A few weeks ago our AppleTV suddenly, without warning, lost almost all of the menu items under its "TV" tab. The only option there was to watch episodes we had already downloaded. No browsing a store, "top shows", or anything of the sort. It was odd and surprising. One minute we were watching a show we had just downloaded and when the show was over and it dropped us into the menu we were missing key functionality.
In the troubleshooting process I tried rebooting, resetting, and finally, a factory restore. The AppleTV UI obviously keys off of data downloaded from the iTunes store so that it can provide an up-to-date storefront. What I hadn't realized was that the core menu system was ALSO driven over the network from the iTunes store. Once the factory restore was complete I was staring at the original AppleTV UI (I had forgotten how much worse it was) and... the menu was still missing almost all the entries!
Worse still, now the couple hundred hours of TV that we had downloaded over the years was no longer on the device.
At this point it was apparent that the AppleTV was very tightly integrated with iTunes, to the point where if it was having trouble then my AppleTV would actually become useless. And now that I had reset the device I couldn't access media that I had rightfully purchased. This is, of course, the worse-case scenario for digital distribution and DRM.
For years I've had my iPhone randomly duplicate the notes I've taken, presumably due to network synchronization issues and the system getting confused. It's a minor bug in an otherwise excellent phone, but it's still puzzling. Do they not know how revision control works? I can't imagine that they don't. Do they not know how to associate a single primary key (even if composite) with a hunk of data and keep track of its existence with that key? This is basic database stuff, here.
And now Apple has launched iCloud, which will keep all your data seamlessly synchronized in the cloud, or on your computer... but not both. And even if I did want to give up having my computer and my phone synchronized, I have to have a me.com address in order to back up notes in the cloud. This is the ONLY thing that requires a me.com account to sync. I'll never send these notes out, or be sharing them. WTF?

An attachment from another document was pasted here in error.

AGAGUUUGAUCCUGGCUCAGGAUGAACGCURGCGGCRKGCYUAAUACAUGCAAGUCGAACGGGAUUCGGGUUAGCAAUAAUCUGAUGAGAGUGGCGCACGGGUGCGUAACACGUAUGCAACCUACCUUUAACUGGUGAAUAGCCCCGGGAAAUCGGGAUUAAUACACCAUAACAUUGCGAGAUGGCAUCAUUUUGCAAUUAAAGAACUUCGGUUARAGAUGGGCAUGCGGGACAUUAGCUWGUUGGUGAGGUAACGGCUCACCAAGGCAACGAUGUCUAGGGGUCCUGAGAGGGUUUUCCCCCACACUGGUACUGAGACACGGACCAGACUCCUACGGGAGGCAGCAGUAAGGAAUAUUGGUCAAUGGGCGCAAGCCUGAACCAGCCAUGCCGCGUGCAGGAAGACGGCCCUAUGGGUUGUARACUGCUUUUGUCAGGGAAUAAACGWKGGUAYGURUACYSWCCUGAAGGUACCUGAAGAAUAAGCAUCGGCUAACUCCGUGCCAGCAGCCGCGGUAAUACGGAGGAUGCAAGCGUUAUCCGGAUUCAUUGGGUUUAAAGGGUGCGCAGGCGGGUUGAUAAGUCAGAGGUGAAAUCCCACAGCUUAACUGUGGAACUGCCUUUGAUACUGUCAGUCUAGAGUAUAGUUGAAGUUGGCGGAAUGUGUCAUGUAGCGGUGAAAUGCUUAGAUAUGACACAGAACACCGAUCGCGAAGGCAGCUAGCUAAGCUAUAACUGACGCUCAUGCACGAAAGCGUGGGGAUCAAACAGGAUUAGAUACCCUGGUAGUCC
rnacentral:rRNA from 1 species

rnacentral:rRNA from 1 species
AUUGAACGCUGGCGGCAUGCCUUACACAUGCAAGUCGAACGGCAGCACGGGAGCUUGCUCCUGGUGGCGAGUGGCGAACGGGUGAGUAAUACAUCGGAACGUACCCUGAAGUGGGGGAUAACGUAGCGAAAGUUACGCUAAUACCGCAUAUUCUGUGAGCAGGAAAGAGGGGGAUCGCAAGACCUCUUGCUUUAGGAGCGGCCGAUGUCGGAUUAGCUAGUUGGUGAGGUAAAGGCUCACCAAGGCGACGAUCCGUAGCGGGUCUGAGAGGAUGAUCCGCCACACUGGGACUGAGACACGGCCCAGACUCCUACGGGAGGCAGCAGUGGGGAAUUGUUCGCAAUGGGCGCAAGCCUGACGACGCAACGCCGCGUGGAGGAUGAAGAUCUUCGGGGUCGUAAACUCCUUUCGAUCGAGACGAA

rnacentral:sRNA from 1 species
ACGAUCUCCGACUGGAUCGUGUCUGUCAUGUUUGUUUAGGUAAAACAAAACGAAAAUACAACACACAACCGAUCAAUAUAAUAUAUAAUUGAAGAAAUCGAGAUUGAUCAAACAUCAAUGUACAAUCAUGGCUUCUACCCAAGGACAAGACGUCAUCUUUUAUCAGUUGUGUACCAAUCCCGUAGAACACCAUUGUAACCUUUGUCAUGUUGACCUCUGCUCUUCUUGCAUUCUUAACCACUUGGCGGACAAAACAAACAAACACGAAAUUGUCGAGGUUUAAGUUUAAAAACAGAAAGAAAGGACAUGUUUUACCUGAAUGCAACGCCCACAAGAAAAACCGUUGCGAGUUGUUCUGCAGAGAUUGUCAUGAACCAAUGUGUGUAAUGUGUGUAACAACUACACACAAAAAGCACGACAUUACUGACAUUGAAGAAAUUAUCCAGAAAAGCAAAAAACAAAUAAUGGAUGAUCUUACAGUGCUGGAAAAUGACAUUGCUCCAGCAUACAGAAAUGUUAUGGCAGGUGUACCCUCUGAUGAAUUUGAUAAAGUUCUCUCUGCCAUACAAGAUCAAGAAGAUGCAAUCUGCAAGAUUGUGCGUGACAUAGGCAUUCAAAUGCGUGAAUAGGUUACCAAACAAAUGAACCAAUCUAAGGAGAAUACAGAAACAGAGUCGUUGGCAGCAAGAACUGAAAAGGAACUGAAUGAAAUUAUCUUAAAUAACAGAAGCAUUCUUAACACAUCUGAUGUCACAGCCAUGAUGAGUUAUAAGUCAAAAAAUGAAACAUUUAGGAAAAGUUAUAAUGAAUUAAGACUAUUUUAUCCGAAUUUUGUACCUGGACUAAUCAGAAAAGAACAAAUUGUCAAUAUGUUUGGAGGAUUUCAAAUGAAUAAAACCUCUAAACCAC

And tonight this system failed me enough for me to sit down and write this rant.
The very basics of a system like iCloud would be to have a clear sense of "identity". And yet, the appleid.apple.com site is atrocious. There's bugs on a majority of the UI panels, it's divergent from the account management system in iTunes but still has some overlap, there's basic data collision issues within the database (ie. it let me add the primary email address for my MacOS App Store account to a new account AppleID account), and the UI sucks.
After verifying an additional email (which entails authenticating), how does one navigate back to the "main" homepage for a logged-in account?
(also, this page scrolls in a fully-expanded Safari window on my 13" Macbook)
You can't delete mailing addresses! In fact, I can't seem to add them, either. Same goes for phone numbers. Actually, it seems like of the 5 panels on this screen, the only that actually works is "Name, ID, and Email Addresses":
What in the hell, Apple? You're famous for "it just works", but getting this set up is like pulling teeth. And God save you if you want something more sophisticated like merging accounts! This stupid system can't keep my basic user details straight, much less any kind of real identity management.
And now it appears that after it erroneously allowing me to add the primary email of another account to this one, that secondary account is in a strange limbo. I can't reset its password, I can't log in/download with its credentials, and I can't even update apps because it can't authenticate.
I take back what I said before about worst-case scenario for digital distribution and DRM. This is much worse. You buy things from a vendor, downloaded them, and then somehow the vendor forgets who you are and now you're locked out. At least before I had a sense that it was a transient issue, but with this it's just irrevocably broken and I have little expectation that I'll be able to get it fixed.
I just don't get the feeling that Apple gets what consumers are expecting with this kind of thing. They are not considering the bizarre corner cases that come up with systems like this, and they are definitely not prepared to be transparent enough to let users attempt to diagnose their own problems. In this kind of situation, the enormous confidence Apple has in itself turns into hubris. The real problem is that they've hitched virtually their entire product line to this concept now, but they're nowhere near ironing it out to the degree they need to.
The identity management aspect of iCloud is a total mess, and it needs to be a tightly designed product in its own right. And they need to figure out the solution for seamless multi-way revisioning and syncing (it's very hard, but it's not impossible). Until they do, users of Apple products and especially people relying on iCloud are in for a rough ride.